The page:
Muhammad was called a driveller, a star-gazer and a maniac-poet; thorns were strewn in his path, and stones thrown on him. His uncles sneered, and the main body of the citizens treated him with that contemptuous indifference which must have been harder to bear than active persecution, and there is no single trait in his character up to the time of the Hijrah which calumny itself could couple with imposture. (9) But the question is why the Prophet's detractors did not expose his pious fraud by showing that he could very well read and write while he claimed to be an unlettered Prophet? Would it not have been easier and more reasonable to refute the Prophet's revelations than to persecute the preacher? If this fact speaks for itself, how are we to account for such an insinuation by a learned scholar who says that the Prophet wished to pass for an illiterate? (10)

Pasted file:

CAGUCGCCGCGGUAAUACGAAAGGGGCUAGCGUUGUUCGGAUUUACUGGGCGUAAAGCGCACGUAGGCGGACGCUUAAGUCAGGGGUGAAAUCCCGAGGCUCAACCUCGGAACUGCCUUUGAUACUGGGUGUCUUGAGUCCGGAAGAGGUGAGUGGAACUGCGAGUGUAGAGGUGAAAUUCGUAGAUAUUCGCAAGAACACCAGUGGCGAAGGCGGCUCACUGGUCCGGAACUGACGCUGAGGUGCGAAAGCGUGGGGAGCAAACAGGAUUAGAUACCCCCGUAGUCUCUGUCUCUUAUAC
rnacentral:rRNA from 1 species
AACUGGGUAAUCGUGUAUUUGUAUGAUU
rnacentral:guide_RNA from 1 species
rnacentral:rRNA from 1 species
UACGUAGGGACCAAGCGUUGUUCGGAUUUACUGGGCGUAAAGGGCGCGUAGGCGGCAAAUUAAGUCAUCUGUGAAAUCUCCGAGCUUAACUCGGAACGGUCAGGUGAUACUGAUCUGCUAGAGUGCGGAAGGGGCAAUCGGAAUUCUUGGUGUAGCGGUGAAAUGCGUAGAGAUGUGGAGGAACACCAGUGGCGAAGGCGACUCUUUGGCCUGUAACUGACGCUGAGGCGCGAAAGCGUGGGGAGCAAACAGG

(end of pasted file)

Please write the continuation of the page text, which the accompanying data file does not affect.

Not a moment of the Prophet's life, after his claim to apostleship, was spent in seclusion, away from the gaze of his followers. It is no less significant that the Apostle of Allah had given definite instructions to his followers that whatever they saw of him, saying or doing, amongst them or alone, in the mosque or in the battlefield, leading prayers or conducting wars, on the pulpit or in a closet, should invariably be brought to the notice of others. His wives, in consequence, freely talked about his private affairs while seventy of his followers lived close to his house in the mosque to learn all about him. Then, there were inhabitants of Medina who attended congregational prayers led by the Prophet, five times every day, for ten long years. There were also occasions when even a larger-number of people gathered round him, as, in the expeditions, when they spent a number of days with him. Everyone knew that it was a bounden duty lying upon him to tell others whatever he knew about the Messenger of Allah. Nothing about his life from the closet of his sleeping chamber to the market place thus ever remained a secret, and every bit of it was recorded and handed down from generation to generation. It is therefore, no wonder that we have several collections of reports about him which run into several hundred thousands. There are reports considered trustworthy on the criteria of criticism evolved by subsequent scholars, as well as those rejected by them. Is it not reasonable, then, in the given circumstances, to expect plenty of reports about the ability of the Prophet to read and write?